Philly to Crack Down on Use of Vacant Buildings in Wake of Oakland Tragedy
Philadelphia officials are planning to crack down on illegal “pop-up” nightclubs and parties in vacant properties in the wake of a deadly fire that left 36 dead at a warehouse-turned-art-colony in Oakland last week.
Mayor Jim Kenney is working with the Department of Licenses and Inspections to seek out buildings with hazardous violations — especially if there’s reason to believe the buildings are being transformed into illegal gathering spaces.
Last week’s tragic fire engulfed a building known as the “Ghost Ship,” once home to many vagabond artists who couldn’t afford to pay rent in the neighborhood. The building had no permit for residences or performances, and its wooden infrastructure, boarded-up exits, and heaps of new and old materials made it a “death trap,” according to one former tenant.
It’s a grim situation that could easily have happened in Philadelphia, home to roughly 25,000 vacant buildings and 330 “imminently dangerous” building violations, on top of about 5,000 “unsafe” building violations. Karen Guss, a spokesperson for L&I, said officials are particularly concerned about “pop-up nightclubs” held illegally (without a specially assembly occupancy license) in Philly’s vacant buildings.
Guss said that in the last three years, L&I has uncovered about eight buildings that were converted into “some sort of studio or party space.” L&I is “pretty aggressive” in targeting such buildings, Guss said, because “even though there is a pretty low incidence of things going on, when they do, it can be so catastrophic.”
NewsWorks reports that Mayor Kenney said it’s up to the public to turn down invitations to gatherings in potentially dangerous buildings, “stay vigilant in their neighborhoods,” and “if you see this kind of ad hoc nightclub thing set up, to let us know as soon as possible.” But targeting one party here or there doesn’t necessarily get to the root of the problem.
Philadelphia abounds with vacant, aging, and often tax-delinquent properties that prompt far too many life-threatening warehouse and building collapses. This includes one notorious incident: in 2012, after two firefighters were killed in a fire at the vacant Thomas Buck hosiery factory in Kensington, the city revealed that the building had multiple code violations, and locals had long complained that squatters and vagrants would sometimes enter the factory.
L&I has since begun partnering with the Fire Department to more vigorously inspect buildings – especially large commercial ones. In 2015, the department evicted occupants at 915 Spring Garden Street after a small fire prompted officials to discover 29 code violations, including blocked exits and damaged elevator shafts and fire escapes. The old Reading Railroad building had been home to about 100 artist studios for more than three decades. Steven Donegan, an artist who had managed the building, said at the time that L&I had regularly inspected the building over the years but never issued a citation or noted a violation, according to the Inquirer.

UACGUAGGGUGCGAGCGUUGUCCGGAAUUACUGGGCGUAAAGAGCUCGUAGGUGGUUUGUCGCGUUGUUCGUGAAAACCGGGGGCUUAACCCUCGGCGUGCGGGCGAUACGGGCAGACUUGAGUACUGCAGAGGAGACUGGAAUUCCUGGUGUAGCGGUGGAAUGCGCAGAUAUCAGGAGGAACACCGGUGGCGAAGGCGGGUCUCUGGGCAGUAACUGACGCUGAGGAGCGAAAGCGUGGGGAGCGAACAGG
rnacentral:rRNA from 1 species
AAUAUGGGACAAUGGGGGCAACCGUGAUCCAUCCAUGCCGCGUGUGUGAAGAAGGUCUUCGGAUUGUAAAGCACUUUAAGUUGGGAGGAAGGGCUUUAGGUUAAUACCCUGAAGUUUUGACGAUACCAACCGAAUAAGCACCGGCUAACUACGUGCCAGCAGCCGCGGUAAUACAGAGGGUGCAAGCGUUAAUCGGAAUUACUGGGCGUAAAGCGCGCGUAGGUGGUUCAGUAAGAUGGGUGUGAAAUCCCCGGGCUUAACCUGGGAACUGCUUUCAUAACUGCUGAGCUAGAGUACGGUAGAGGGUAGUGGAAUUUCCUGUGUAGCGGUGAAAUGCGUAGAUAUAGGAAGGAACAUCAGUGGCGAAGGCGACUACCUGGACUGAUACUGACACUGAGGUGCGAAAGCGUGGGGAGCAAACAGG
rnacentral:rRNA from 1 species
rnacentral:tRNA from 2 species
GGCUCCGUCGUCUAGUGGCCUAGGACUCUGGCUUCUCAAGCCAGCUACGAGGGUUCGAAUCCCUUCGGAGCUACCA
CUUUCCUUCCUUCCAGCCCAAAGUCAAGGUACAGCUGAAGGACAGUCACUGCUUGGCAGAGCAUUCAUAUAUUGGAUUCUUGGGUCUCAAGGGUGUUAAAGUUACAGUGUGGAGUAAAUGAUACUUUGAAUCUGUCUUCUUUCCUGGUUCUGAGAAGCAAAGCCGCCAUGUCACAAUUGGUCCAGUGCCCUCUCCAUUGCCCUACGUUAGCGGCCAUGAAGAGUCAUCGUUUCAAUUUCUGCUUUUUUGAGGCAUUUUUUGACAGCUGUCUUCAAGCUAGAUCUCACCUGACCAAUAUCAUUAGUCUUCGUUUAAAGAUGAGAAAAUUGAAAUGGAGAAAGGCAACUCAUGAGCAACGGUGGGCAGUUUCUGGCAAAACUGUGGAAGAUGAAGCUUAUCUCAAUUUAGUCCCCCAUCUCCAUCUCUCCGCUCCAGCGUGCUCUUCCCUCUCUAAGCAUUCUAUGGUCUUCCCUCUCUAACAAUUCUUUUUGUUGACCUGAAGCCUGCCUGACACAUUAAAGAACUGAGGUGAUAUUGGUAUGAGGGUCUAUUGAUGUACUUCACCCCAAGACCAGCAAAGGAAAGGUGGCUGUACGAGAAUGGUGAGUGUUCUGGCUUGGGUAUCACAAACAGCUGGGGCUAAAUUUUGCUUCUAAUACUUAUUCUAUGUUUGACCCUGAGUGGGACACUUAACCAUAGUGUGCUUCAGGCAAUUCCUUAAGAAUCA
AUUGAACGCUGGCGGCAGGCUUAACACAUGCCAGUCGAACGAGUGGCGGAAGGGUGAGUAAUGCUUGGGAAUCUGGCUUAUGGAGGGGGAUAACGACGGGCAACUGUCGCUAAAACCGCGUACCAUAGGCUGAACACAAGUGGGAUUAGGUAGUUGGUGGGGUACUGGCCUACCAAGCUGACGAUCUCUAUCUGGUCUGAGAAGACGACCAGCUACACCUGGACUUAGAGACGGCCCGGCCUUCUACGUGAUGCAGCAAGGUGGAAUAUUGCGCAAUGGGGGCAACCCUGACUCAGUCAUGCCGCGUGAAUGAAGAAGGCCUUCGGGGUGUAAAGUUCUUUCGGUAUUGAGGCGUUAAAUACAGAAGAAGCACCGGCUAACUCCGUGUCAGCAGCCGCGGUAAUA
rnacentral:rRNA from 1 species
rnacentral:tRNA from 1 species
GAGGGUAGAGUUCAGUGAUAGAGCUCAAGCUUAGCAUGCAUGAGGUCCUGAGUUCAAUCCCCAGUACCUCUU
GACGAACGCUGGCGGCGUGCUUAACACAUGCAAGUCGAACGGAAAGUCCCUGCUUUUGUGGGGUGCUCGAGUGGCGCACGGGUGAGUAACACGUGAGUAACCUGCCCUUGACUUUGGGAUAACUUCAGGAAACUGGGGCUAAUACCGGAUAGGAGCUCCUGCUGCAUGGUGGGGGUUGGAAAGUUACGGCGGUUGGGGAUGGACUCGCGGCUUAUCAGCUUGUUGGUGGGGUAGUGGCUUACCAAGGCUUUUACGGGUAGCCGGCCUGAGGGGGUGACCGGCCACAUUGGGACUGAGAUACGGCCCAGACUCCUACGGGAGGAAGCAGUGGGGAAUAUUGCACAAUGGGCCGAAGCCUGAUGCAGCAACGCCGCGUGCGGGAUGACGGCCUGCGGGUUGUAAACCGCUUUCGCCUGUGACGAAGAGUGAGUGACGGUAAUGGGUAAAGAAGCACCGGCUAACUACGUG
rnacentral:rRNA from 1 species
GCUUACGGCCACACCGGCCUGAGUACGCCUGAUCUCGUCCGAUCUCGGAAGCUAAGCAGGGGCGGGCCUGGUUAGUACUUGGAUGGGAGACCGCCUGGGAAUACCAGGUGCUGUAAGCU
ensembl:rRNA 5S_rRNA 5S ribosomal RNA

“They had been there a long time without a problem,” Guss said. “Thank God nothing happened.”
The discovery came months after L&I announced that it had received $5.5 million in funding and would make room for 43 new building inspectors, on the heels of report by then-Mayor Michael Nutter‘s special independent advisory committee, which “found that L&I was underfunded, had too many responsibilities” and needed drastic restructuring, according the Inquirer.
At the time, officials said they would work to remove buildings that posed significant safety threats. Guss said the department hasn’t kept official data regarding how many properties have been demolished since then, but she said many buildings in the city are being “monitored,” and some are often fenced in to prevent trespassers from entering the property.
L&I tears down about 500 vacant buildings a year, Guss said, but the majority of those buildings are residential houses. Larger, commercial properties – like warehouses – are demolished less often, because they can be expensive to take down.
“Unfortunately, there are a lot of properties in the city that we just monitor because we can’t demolish them all,” Guss said. “We don’t have the budget capacity in terms of being able to hire enough certified demolition contractors.”
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